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How To Use Comprehension Strategies To Improve Learning

How To Use Comprehension Strategies To Improve Learning

From a young age, we learned the essential skills of reading. This is a skill that we often don’t think much of, especially around the subject of comprehension strategies for adults.

You’d think it’s rather weird at first. Adults all across the world are fully capable of reading anything. We’ve been doing that for decades.

But there is a massive difference between reading comprehension amongst children and adults you see. It’s something that hasn’t been explored much in science. You can tell by the number of studies out there discussing kid’s reading abilities rather than adults.

This lack in studies though, is a good enough reason to look into what kind of strategies exist for adults. As I said, an adult’s need for reading comprehension is different. It’s not so much as learning how to read but how to use the information we have, process it effectively, and leverage it.

What Are Comprehension Strategies?

Because adults are focused on processing information and leveraging it, our comprehension strategies tend to be more focused on the surrounding areas rather than internal. That being said, there are some strategies that focus on how we are reading too.

I’ll get to those further down this article, but here are some external comprehension strategies to try out:

Place Yourself In A Distraction-Free Environment

There is a lot of noise going on around us these days. From TVs, our phone, music, and other distractions. The key with this strategy is to create a reading and learning environment that’s suitable for you.

For most people, that’s one without distractions.

But what if you can’t remove all the distractions?

Simple. Some alternatives are going somewhere else. Consider going to the library, a study room, or even the bathroom. You can also listen to classical or ambient music. This muffles sounds and music without lyrics can help you with concentrating more.

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Having Someone Smarter Read With You

Let’s face it, we’re not all-knowing. There are people who are smarter than us. Maybe not in the area of reading, but the person may have read the book or is further along in life with experience and understanding.

This is what I mean by reading comprehension with adults. It’s not so much that we don’t know how to read, but rather, it may be tougher for us to take concepts from articles or books and apply them.

If you’ve got someone like a mentor, teacher, friend or parent, who has experience in this field, don’t hesitate to rely on them.

How we comprehend information varies from person to person. No matter what though, keep the following in mind should you use this strategy:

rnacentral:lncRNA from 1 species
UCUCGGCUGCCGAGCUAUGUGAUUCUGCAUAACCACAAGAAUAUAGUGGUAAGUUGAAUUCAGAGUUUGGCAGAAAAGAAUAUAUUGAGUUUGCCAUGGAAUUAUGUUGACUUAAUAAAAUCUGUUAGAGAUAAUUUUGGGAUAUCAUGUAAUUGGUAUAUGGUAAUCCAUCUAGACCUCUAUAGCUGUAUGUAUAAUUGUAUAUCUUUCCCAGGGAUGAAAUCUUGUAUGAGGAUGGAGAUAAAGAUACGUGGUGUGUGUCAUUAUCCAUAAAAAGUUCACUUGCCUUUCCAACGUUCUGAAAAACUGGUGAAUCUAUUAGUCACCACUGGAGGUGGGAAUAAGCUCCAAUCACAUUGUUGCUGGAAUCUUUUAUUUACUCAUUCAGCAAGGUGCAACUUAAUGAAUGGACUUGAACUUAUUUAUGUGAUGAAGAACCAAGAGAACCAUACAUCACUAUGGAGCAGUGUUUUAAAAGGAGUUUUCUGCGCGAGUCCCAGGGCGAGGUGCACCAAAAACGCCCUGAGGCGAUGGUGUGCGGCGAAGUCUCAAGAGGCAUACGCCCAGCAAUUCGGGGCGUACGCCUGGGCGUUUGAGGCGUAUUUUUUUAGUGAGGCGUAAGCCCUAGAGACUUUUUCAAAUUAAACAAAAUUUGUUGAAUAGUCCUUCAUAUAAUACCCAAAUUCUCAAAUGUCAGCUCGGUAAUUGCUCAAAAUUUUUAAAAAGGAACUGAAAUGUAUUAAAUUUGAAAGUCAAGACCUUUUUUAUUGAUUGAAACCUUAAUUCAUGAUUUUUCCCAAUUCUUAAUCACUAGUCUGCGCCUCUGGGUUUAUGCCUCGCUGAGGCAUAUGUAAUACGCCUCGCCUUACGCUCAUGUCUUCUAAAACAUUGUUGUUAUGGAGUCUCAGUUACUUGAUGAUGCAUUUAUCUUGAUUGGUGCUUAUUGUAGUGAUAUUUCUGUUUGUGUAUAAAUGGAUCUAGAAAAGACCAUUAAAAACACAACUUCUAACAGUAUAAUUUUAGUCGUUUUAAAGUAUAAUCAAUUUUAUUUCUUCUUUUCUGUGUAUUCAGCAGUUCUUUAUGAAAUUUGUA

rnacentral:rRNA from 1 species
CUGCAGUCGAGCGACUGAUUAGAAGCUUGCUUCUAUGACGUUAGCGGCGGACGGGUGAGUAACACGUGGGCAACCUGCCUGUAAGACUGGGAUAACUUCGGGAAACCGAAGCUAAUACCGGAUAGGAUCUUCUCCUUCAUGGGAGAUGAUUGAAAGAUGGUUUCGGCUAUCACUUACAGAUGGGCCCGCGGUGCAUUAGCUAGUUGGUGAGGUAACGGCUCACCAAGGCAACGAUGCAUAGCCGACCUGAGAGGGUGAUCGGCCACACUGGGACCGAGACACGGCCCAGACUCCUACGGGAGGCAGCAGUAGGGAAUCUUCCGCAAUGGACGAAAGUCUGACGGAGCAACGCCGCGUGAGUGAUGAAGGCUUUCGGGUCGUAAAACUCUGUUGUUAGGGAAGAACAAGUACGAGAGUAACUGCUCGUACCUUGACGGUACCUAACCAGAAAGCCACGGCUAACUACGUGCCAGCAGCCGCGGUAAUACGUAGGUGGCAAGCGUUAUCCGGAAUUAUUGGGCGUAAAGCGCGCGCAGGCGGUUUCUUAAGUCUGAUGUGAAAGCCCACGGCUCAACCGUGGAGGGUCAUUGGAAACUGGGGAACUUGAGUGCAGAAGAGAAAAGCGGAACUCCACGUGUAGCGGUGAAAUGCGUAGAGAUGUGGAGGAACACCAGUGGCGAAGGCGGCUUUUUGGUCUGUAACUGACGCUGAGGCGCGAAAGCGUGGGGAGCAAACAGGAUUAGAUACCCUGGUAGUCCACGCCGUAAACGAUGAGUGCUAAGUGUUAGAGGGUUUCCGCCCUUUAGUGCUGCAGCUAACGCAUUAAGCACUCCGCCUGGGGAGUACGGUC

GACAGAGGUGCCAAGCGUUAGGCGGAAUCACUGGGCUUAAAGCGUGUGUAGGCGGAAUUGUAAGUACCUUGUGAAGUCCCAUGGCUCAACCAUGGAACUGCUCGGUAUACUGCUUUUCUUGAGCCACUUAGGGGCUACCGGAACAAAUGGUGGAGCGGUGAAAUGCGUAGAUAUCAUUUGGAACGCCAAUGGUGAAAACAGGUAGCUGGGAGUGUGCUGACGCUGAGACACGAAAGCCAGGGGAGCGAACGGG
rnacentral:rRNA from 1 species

• If you are there to support in any way, be sure to give them questions. If you’re the one asking, you can always ask them to do this too. Comprehension isn’t just reading, but using the information.
  • If you’re supporting, it pays to be able to explain things briefly. If you can summarize chapters or the whole book into key lessons that’s good.

Reading Out Loud

Reading out loud slows you down while reading. We focus more on pronouncing our words. We also process what we are reading more so when doing this.

Reading out loud also activates the parts of our brain that learns visually and through audio. It does this because we are seeing the words plus hearing them spoken aloud.

If you find yourself benefiting from this, I’d suggest looking into audiobooks. While there is no visual side to them, the audio could help. You can also look into narrated books that have audio and visual learning aspects.

Re-Reading

Sometimes, we don’t always process everything in one sitting. Or maybe there was something that’s brought up later that you don’t understand and need to go back to previous lines to grasp it.

In some other cases, we read through a page or a paragraph and can’t even grasp what was said.

Regardless, don’t be afraid to go back through and re-read it. Perhaps read it out loud. That or slow down your reading. Keep re-reading until you understand what’s going on.

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As you can tell, reading comprehension is simple at its core, but not everyone can leverage them right off the bat.

How Can I Leverage Comprehension Strategies?

Knowing those strategies is one thing, but leveraging is something else. Regardless, because reading comprehension is still a skill, we can improve it through various methods.

1. Dedicate Yourself To Reading

It’s a given that you want to be spending some time to reading. It’s recommended for starters to devote two to three hours to reading per week.

Not only that, but you want those hours to be part of a good reading session. Wat this means is that your reading is guided and relaxed.

Guided in the sense that there is structure and focused attention. You want to be expanding your vocabulary and quizzing yourself on what you’re reading.

Relaxed is being in a position where you can enjoy what you’re reading. Think back to the calming environment I mentioned above.

2. Understand and Re-evaluate How You Read Right Now

If it’s been a long time since you’ve picked up a book, this might be tougher to do. Then again, you do have to start somewhere.

What this strategy focuses on is encouraging you to read from different texts. Specifically, texts that you’re not familiar with.

Information is presented in many different formats. What you read in the newspaper is going to be written differently on a stand-alone website or on a blog. The same applies to textbooks as well.

This isn’t to say that certain mediums have superior written content, but rather, they demand different levels of comprehension.

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The key to this strategy is to go into unfamiliar territory and read that way. Challenge your existing notions and preferences for reading and mix things up. But only do so for a short period of time.

Start off with reading 20 minutes from that and push to increase the time little by little. Maybe next time devote 22 minutes of your few hours to reading from it.

3. Expand Your Vocabulary